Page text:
About 15 minutes after the Seeveli ended, the Kathakali dance started. The tradition of Kathakali performance going on till the wee hours, is still being practised. Never in our lives had we expected to be sitting in a temple as important as Guruvayur and watching live performance of one of India’s most famous classical dances ! A sense of “this is life” does come to you at such moments.
We sat and watched the cultural event till about 11.30 PM when we realised we had to attend the wedding next morning and decided to head back to our hotel. We walked back, it was close to midnight, we didn’t have dinner and were feeling tired. We couldn’t find any eatery open but our hotel guys were very kind and prepared a quick bowl of fried rice for us. We couldn’t thank them enough.
Kerala wedding Guruvayur style !
By 8 AM the next morning, we were ready for our friend’s wedding. The wedding was to take place at the open mandapas installed just outside the temple. We walked to the temple and were taken aback to see thousands of people and several weddings taking place one after the other within a matter of an hour ! Kerala weddings are usually very short, done within 15 minutes and at Guruvayur, one had just a few minutes to get onto the mandapa and tie the Thaali, the couple parents alone are allowed on the mandapa. T
he rest of the family and friends have to stand in the ocean of wedding guests of all the weddings happening at that time, you wouldn’t know who has come to attend whose wedding. People just stand jostling to get a view of their people on the mandapa and try to click a few pictures. Even passersby can stand and witness the weddings. It is chaotic but fun, if the wedding is during the summer months like our friends, you can add heat, humidity and suffocation to the chaos ! After the wedding, the couple is allowed inside the temple to get a darshan of Guruvayurappan. Like all the experiences we had during this trip, this was yet another unforgettable one.
Amidst all the rush, we managed to click this lone picture of the Guruvayur temple.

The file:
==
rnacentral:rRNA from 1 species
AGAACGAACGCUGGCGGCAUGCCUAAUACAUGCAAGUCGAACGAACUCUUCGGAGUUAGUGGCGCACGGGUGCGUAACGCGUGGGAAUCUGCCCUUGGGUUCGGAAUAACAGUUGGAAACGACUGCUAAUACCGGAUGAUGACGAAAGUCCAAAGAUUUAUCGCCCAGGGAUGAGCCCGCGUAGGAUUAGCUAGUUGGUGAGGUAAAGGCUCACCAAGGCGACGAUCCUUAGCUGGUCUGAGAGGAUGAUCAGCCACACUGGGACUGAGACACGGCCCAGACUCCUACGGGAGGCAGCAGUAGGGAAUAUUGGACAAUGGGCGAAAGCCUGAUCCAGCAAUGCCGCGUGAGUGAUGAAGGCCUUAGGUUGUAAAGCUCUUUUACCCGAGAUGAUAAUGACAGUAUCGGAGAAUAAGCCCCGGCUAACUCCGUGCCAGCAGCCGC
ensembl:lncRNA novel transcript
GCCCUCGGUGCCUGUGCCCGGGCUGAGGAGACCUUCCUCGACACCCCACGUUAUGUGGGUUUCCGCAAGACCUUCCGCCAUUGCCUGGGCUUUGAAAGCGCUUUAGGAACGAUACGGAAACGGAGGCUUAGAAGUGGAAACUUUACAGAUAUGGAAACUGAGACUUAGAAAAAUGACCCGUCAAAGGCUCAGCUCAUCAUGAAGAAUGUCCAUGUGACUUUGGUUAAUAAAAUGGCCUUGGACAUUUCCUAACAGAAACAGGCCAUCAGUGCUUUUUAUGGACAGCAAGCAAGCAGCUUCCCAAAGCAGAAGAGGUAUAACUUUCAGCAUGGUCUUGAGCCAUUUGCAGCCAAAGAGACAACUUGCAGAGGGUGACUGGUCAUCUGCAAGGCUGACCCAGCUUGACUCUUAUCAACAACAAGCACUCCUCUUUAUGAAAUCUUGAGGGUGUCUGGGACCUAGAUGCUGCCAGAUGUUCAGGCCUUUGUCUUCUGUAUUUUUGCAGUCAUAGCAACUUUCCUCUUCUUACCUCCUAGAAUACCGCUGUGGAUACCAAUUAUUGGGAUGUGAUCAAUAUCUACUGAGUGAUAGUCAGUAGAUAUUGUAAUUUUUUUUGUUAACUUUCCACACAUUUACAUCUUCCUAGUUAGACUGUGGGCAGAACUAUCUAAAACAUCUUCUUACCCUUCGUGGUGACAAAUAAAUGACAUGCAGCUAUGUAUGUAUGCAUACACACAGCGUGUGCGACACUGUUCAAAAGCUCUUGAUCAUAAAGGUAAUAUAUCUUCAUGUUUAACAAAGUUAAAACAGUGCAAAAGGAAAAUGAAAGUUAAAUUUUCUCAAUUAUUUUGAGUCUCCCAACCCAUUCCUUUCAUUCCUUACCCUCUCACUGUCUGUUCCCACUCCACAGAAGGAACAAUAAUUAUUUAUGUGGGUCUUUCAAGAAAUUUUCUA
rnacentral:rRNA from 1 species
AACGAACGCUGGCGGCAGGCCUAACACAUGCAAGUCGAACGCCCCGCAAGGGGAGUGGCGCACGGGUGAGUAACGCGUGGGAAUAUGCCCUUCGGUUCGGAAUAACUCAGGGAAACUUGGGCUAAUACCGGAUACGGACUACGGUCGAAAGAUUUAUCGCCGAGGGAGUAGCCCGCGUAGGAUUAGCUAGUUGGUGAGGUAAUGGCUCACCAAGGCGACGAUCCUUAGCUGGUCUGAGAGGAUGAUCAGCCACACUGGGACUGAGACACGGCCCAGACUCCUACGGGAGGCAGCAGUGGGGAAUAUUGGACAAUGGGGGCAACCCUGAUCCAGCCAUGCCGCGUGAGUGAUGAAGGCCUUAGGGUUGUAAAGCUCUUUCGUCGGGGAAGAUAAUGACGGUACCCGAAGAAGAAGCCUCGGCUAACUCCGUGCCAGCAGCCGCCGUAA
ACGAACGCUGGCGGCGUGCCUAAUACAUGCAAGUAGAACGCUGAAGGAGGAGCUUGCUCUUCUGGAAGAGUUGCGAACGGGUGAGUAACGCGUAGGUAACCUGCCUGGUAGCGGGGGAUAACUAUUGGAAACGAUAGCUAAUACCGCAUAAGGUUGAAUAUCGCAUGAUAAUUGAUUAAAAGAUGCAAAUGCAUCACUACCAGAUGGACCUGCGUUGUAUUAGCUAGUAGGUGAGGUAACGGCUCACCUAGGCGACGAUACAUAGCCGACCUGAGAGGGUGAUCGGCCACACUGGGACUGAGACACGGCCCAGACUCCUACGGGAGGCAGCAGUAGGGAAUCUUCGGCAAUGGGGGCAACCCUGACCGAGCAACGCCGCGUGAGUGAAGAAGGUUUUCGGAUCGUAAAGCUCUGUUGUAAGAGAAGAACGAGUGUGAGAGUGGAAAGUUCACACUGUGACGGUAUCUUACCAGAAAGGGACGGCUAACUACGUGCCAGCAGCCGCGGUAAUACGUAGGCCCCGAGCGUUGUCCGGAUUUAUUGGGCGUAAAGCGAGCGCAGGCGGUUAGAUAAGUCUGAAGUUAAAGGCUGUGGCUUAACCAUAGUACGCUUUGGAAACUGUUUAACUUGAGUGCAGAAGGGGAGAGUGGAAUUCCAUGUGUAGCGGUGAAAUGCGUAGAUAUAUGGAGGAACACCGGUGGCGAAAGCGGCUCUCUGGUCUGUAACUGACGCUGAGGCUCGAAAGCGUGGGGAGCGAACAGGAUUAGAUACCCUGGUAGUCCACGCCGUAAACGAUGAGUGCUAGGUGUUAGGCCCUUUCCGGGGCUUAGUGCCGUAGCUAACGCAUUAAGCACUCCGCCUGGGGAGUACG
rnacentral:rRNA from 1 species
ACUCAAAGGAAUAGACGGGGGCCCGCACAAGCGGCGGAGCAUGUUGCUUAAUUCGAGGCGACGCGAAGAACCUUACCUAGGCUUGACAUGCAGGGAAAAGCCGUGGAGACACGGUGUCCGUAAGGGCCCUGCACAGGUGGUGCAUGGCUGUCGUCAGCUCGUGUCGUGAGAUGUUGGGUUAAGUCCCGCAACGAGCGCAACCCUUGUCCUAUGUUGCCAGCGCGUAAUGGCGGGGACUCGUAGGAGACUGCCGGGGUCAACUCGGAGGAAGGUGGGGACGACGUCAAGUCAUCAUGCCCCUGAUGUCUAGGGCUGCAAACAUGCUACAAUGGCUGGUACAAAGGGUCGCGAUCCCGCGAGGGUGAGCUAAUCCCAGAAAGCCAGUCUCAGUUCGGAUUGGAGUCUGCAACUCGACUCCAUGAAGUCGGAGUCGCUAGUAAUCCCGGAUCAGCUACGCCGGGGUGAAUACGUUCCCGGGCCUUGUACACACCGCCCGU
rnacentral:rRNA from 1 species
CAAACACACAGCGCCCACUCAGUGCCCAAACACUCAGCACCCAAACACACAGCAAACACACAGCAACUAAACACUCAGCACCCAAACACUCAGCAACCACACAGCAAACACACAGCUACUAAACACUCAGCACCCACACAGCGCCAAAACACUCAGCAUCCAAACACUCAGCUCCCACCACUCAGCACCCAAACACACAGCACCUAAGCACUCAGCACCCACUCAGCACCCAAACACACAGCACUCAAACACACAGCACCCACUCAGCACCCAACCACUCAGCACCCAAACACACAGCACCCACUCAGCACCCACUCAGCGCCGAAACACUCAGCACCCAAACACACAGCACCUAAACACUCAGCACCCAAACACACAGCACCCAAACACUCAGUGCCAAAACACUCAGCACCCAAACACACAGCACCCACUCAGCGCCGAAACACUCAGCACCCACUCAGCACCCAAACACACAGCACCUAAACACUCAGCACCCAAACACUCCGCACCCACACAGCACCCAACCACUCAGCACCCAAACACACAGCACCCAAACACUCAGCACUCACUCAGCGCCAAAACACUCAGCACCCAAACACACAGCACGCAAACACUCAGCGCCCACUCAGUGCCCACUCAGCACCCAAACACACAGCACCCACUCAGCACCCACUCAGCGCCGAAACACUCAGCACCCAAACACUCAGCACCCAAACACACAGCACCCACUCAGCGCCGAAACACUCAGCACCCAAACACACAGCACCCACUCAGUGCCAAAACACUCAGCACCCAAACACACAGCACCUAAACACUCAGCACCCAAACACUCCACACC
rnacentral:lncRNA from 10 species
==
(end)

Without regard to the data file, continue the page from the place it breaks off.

The wedding event done, we headed to the banquet hall where the remaining wedding rituals would be performed followed by the Kerala wedding feast, Sadya, which was one of the main reasons for us to come for the wedding all the way from Hyderabad !
Right after the wedding, we headed to market area near the temple. One doesn’t leave Guruvayur without buying Banana Chips and different varieties of Guruvayur Halwa ! We spent close to Rs.1000/- on Chips and Halwa and adding almost 4 kgs to our luggage !
By 3 PM, we left Guruvayur and drove back to Coimbatore. Our friend who studied in Coimbatore had many memories to share and we made one more visit to Sree Annapoorna near Coimbatore Bus Stand and ate to our heart’s content ! Our friend was overcome with emotion, such is the effect familiar food and taste can have on you !
Our flight was 11 PM, we dropped off the ZoomCar and walked to the airport, we spent the next 3 hours chatting, this writer even ran into a friend from school, it was an unexpected reunion after more than a decade !
As the flight took off, we spotted some vapour from the AC vents, enough to send this writer into a panic mode and glance a terrified look at the air-hostess, who very calmly signalled to us that we were being stupid ! All was well and we reached home in Hyderabad by 2 AM.
We had just one thought as we drifted off to sleep – Kerala is truly God’s own Country, no doubt about that !
- For information about the Guruvayur temple, timings, accommodation and other information, check the temple’s website http://guruvayurdevaswom.nic.in
- One has to be traditionally dressed to enter Guruvayur temple. Men are required to wear dhoties, while women can wear sarees or salwar kameez.
- Seeveli is performed three times during in day, however, the lighting of the lamps happens only at night, it is totally worth staying back to witness it atleast once in a lifetime.
- There are lot of temples around Guruvayur that can be visited during a stay at Guruvayur, since we were short of time, we limited our visit only to Beach and Anakotta. Anakotta closed at 6 PM.
- Guruvayur chips and halwa are a must buy, the market place is full of such shops and almost all the shops are good ones, we purchased our lot at a shop called Ayodhya.
“The content and pictures on this blog are owned by the authors of http://www.highwayonlyway.com and are not available for copying or reproducing elsewhere without any written consent from us.”